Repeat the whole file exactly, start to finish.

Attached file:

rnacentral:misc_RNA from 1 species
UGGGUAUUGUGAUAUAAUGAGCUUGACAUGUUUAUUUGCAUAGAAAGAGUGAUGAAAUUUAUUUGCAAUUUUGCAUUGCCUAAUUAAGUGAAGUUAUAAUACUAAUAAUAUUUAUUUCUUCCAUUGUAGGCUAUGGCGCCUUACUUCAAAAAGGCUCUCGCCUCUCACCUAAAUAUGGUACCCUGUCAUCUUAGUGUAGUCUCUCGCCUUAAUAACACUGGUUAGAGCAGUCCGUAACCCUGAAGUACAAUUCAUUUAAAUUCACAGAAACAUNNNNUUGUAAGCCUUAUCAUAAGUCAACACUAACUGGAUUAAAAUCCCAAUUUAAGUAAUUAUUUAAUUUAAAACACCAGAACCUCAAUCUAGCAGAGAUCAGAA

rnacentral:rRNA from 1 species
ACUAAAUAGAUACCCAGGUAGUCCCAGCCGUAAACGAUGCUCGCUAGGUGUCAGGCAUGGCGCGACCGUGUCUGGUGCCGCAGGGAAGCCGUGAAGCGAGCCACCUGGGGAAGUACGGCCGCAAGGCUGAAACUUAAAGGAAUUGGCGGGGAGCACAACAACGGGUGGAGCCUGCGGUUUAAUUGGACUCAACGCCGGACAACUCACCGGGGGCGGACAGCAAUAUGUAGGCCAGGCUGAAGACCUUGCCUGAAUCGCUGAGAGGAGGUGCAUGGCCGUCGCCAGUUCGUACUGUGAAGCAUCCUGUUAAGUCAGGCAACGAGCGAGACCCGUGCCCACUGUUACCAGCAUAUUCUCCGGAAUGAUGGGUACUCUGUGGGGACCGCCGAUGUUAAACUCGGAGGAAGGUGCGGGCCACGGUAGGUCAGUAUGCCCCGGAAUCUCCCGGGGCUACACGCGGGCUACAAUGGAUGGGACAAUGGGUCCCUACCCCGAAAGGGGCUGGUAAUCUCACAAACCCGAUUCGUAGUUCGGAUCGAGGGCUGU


rnacentral:misc_RNA from 1 species
UGGGUAUUGUGAUAUAAUGAGCUUGACAUGUUUAUUUGCAUAGAAAGAGUGAUGAAAUUUAUUUGCAAUUUUGCAUUGCCUAAUUAAGUGAAGUUAUAAUACUAAUAAUAUUUAUUUCUUCCAUUGUAGGCUAUGGCGCCUUACUUCAAAAAGGCUCUCGCCUCUCACCUAAAUAUGGUACCCUGUCAUCUUAGUGUAGUCUCUCGCCUUAAUAACACUGGUUAGAGCAGUCCGUAACCCUGAAGUACAAUUCAUUUAAAUUCACAGAAACAUNNNNUUGUAAGCCUUAUCAUAAGUCAACACUAACUGGAUUAAAAUCCCAAUUUAAGUAAUUAUUUAAUUUAAAACACCAGAACCUCAAUCUAGCAGAGAUCAGAA

rnacentral:rRNA from 1 species
ACUAAAUAGAUACCCAGGUAGUCCCAGCCGUAAACGAUGCUCGCUAGGUGUCAGGCAUGGCGCGACCGUGUCUGGUGCCGCAGGGAAGCCGUGAAGCGAGCCACCUGGGGAAGUACGGCCGCAAGGCUGAAACUUAAAGGAAUUGGCGGGGAGCACAACAACGGGUGGAGCCUGCGGUUUAAUUGGACUCAACGCCGGACAACUCACCGGGGGCGGACAGCAAUAUGUAGGCCAGGCUGAAGACCUUGCCUGAAUCGCUGAGAGGAGGUGCAUGGCCGUCGCCAGUUCGUACUGUGAAGCAUCCUGUUAAGUCAGGCAACGAGCGAGACCCGUGCCCACUGUUACCAGCAUAUUCUCCGGAAUGAUGGGUACUCUGUGGGGACCGCCGAUGUUAAACUCGGAGGAAGGUGCGGGCCACGGUAGGUCAGUAUGCCCCGGAAUCUCCCGGGGCUACACGCGGGCUACAAUGGAUGGGACAAUGGGUCCCUACCCCGAAAGGGGCUGGUAAUCUCACAAACCCGAUUCGUAGUUCGGAUCGAGGGCUGU